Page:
Beat Brenk

Christianization of the Late Roman World

Cloth bound

Cities, Churches, Synagogues, Palaces, Private Houses and Monasteries in the Early Christian Period

Publication: to be announced

24 x 17 cm
620 pp. 326 illus.

£150.00

Book Description

The separate papers in this publication have appeared during the last 10-15 years as parts of a comprehensive enquiry by Professor Brenk, where the goal is not generalization, but microhistory. The opportunity presented itself to examine the phenomenon of Christianization on the basis of separate case studies in different religious, social and economic areas of life. The author asks how these areas of life changed in a period of major transformation in the Late Roman World, between the 3rd and the 7th centuries, and how these changes were reflected in art and architecture.

The city in late antiquity forms the starting point, “acquiring a new emphasis after the 4th century with the cult buildings of Christians and Jew (churches, monasteries, synagogues) as well as some extremely luxurious residences. The author tries to examine in which topographic surroundings Christian and Jewish cult buildings were established. Special attention is given to the question of the taking over of construction plots or the re-use of buildings, as well as the re-use by building materials by Christians.

A further selection of topics emerges with the use, re-use and with the artistic furnishing of private houses and residences with house chapels by Christians. The investigation of house chapels throws a new light of the question of private cults. Cult, function and requirement are categories from which a new understanding can be obtained for such different building types as monasteries, urban votive churches, cathedrals and pilgrimage churches.

A considerable number of studies previously published in German and Italian are presented here in English “translation, and some are published here for the first time.

Contents

  • Introduction
  • Cities: The Christianization of the late-Antique City
  • On the Christianization of the late-Antique City in the East (Gerasa, Apamea, Bosra, the Negev Cities)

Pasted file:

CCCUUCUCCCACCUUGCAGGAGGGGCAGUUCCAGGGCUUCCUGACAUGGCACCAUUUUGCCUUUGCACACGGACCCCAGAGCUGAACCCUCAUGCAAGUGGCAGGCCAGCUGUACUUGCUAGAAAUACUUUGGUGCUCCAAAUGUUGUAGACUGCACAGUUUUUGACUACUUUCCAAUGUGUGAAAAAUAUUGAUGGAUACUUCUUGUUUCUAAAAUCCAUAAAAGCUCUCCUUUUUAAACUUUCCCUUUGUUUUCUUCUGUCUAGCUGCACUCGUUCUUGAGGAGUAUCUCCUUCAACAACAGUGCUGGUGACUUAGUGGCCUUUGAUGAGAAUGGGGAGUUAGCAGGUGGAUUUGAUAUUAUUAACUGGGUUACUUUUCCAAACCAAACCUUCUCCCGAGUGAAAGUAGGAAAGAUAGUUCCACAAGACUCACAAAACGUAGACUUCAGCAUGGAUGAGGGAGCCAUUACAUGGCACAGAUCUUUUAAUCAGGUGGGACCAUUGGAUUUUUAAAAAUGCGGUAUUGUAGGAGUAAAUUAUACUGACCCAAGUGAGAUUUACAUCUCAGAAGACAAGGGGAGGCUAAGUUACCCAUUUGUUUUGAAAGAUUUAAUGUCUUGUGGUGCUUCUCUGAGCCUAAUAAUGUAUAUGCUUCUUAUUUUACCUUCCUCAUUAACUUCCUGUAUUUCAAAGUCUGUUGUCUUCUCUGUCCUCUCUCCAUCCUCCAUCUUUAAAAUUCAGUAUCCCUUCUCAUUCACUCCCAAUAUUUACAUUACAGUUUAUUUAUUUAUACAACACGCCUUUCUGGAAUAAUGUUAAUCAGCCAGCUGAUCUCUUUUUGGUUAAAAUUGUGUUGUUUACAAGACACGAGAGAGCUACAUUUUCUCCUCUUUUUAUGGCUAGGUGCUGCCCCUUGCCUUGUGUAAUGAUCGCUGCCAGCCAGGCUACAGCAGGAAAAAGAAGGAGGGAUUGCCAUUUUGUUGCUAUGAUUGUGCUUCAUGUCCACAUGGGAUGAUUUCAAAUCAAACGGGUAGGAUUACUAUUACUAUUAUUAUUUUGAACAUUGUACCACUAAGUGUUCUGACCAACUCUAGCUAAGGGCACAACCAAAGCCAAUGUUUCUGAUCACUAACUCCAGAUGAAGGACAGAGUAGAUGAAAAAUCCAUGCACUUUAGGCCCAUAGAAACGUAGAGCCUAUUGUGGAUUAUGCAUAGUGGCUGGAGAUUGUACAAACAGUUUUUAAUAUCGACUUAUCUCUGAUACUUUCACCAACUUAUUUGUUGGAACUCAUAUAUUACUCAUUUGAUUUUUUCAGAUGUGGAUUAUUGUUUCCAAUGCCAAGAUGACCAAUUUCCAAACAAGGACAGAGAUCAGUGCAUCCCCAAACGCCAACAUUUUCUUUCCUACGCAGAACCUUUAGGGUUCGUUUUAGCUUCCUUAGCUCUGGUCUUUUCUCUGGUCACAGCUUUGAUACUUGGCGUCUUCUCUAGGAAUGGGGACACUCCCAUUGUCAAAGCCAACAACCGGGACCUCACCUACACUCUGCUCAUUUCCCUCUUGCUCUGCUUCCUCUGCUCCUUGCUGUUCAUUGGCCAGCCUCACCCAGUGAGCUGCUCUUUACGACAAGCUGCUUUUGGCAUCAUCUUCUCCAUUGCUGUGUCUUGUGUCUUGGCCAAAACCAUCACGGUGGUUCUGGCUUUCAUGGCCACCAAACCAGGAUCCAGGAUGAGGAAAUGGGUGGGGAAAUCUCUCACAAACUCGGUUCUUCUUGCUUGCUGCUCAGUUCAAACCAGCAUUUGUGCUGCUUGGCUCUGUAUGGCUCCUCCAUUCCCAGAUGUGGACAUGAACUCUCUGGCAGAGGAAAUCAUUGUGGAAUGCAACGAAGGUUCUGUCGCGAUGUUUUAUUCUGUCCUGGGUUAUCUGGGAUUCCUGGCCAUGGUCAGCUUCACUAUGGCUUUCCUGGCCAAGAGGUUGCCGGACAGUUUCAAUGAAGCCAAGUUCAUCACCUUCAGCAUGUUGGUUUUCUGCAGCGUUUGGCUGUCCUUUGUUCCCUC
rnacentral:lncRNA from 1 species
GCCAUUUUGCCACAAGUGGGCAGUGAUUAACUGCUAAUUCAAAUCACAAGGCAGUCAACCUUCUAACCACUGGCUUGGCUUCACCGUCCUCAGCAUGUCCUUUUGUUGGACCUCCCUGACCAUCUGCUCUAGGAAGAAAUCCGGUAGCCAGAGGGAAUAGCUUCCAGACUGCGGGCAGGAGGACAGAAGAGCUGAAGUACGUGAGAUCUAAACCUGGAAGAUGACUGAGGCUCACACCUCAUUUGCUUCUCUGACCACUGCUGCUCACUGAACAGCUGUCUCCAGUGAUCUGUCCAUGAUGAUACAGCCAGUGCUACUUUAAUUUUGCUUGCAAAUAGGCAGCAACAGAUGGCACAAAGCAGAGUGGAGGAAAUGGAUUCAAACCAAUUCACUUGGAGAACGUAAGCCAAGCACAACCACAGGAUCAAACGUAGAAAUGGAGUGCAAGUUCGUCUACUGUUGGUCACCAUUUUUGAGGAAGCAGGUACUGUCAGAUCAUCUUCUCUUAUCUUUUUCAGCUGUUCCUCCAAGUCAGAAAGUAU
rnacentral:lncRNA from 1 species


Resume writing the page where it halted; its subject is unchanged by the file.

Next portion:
• The Christianization of the City of Ostia

 

Churches 1:

  • From Private House to Church
  • House Churches (unpublished)
  • Churches over Private Houses (Kurnub, Shivta, S. Sabina. S. Pudenziana, Parenzo, Capernaum, Ebona)
  • SS. Giovanni e Paolo in Rom: a Case Study

 

Churches 2:

  • Functions, Pretentions and Meaning
  • The Year 410 and its Effect on Church Art at Rome
  • Parenzo, Problems of Research
  • The Building Concept of Hagios Demetrios in Thessaloniki
  • The Cult Centre, its Accessibility and its Visitors
  • On the Rhetoric of Places of Pilgrimage and Holy Images

 

Synagogues:

  • The Christianization of the Jewish City Centre of Capernaum
  • The Transformation of the Synagogue of Apamea into a Church. A Study in History and Mentalities

 

Houses and Palaces:

  • Christian Basilica or Christian ‘Domus of the Tigriniani’
  • On the Christianization of the Imperial Residence
  • Imperial-Christian-Pagan-Private. From the Context to the Significance
  • The Christianization of the Domus of the Valerii on the Celian
  • Monasteries: Monastic Construction and Equipment before the year 800. Rhetoric versus Reality
  • Benedict and the Problem of monastic Architecture before the Year 1000
  • On the Relationship of the Four-winged Layout (Claustrum) in early Christian-early Medieval Monasteries
  • On the Origin and Rhetoric of the Monk’s Portrait (unpublished)

 

Spolia:

  • Spolia from Constantine to Charlemagne: Aesthetics versus Ideology.
  • Spolia and their Effect on the Aesthetics of varietas
  • Additional Notes
  • Index

Additional information

Format

Author

Reviews

There are no reviews yet.

Be the first to review “Christianization of the Late Roman World”